The Treasure Island Music Festival in San Francisco is pirate-themed this year, its tents decorated with skull-and-cross bone flags and a wooden ship sitting on the grounds for effect. I get there early afternoon and funnel in along with hipsters, yuppies dressed like hipsters, and college kids.
Treasure Island has two stages really close to each other, and acts play one stage and then the other, with no overlap. In order to get a close spot for one set, you have to leave halfway through another. Choices are made. Songs are missed. After catching five songs from Passion Pit (including a rendition of “Sleepyhead” that elicits a crazed response), I beeline over to where Dan Deacon is setting up.
There are about a dozen musicians onstage. This includes two drummers with full drum sets, a bunch of bassists and guitarists, and a gaggle of keyboardists. The man himself stands before a table full of pedals. Throughout the set, the “Dan Deacon sound” seems controlled by the keyboard console. He makes sloppy “composer” gestures in front of the guitarists, the drummers and the keyboardist, or twiddles with knobs, or breaks out into manic bursts of singing. He also does a lot of crowd manipulation: There’s a dance contest that dissolves quickly into a sort of mosh pit, and a synchronized dance that has us squatting in a circle, flapping our arms like cranes. A strange “mosh resurgence” happens throughout the day in which people push into each other without actually shoving or swaying. A few people crowd-surf, including Greg Gillis, a.k.a. Girl Talk.
But Girl Talk doesn’t happen until later. Right now, I am searching through the mud for my notebook. It flew out of my purse while I was dancing. When I find it, someone has torn out my show notes, and left the notebook for dead. It looks like it has been pulverized. I go to the restroom section. There is a business card on the floor of the Porta Potty, wet with piss. It says, “Describe an experience that made you feel larger than yourself.”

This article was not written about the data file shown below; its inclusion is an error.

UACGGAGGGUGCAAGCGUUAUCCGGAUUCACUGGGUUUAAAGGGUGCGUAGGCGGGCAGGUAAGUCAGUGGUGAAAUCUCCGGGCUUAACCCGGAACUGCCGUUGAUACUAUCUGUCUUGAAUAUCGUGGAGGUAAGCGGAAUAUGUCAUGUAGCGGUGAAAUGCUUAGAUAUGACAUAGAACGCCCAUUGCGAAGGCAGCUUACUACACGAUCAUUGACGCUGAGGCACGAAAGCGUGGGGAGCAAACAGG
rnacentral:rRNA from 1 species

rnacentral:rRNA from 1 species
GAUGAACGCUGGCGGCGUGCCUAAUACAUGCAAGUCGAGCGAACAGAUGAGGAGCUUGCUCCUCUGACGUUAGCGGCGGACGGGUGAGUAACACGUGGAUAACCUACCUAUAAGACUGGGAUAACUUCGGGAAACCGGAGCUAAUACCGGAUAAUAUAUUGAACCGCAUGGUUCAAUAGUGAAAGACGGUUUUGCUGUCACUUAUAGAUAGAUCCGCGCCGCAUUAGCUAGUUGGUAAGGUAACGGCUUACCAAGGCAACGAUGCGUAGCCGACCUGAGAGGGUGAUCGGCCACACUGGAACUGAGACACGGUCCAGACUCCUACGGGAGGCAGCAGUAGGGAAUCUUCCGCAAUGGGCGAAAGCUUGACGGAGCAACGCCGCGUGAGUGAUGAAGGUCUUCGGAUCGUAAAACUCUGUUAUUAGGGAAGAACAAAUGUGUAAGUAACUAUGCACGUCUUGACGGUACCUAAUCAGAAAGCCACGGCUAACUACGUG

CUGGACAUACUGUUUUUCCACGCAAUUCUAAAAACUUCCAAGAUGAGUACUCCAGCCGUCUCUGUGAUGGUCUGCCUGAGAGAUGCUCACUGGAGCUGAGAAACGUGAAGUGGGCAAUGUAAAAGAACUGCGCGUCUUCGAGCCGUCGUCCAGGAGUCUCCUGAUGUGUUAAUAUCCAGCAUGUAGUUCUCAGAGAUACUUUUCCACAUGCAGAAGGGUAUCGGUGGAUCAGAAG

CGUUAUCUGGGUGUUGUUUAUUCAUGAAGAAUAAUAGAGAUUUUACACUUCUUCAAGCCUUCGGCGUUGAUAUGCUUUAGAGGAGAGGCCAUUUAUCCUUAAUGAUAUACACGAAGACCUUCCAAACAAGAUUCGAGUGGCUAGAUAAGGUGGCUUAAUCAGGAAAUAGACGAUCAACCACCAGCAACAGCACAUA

People lounge atop low-branched trees all over the grounds, rolling joints and enjoying the view of the San Francisco Bay and beyond it, the cityscape. I wander to where the Streets singer Mike Skinner does his candid Scottish rap-talk about girls and drugs. Big crowds of people are lounged out on the grass, cuddling, taking naps, eating, drinking and getting high. By the time Skinner does the song “It’s Too Late,” I wonder whether he’s too poignant of an artist for today’s party-vibe lineup. I leave his set to get a good place for DJ Krush.
DJ Krush lays down black waves of bass, and then throws on an African sample that is met with space-age effects. People aren’t really dancing or otherwise sure of what to do with it. A creepy version of “Hotel California” follows, and later, a highly spooky piano adaptation of “California Dreams.” He deejays using turntables and a Mac, which seems like a nice compromise to the argument. I feel like I should be in a dark room, a warehouse or basement: His mood is slightly lost on the bright day and cheerful scenery. There are scary-movie sounds, and then “California Dreams” gets a dark treatment. A ragtime song moves into what sounds like a vintage sitcom opener. He throws a little drum into the bass — not enough to really grab onto and dance, but something.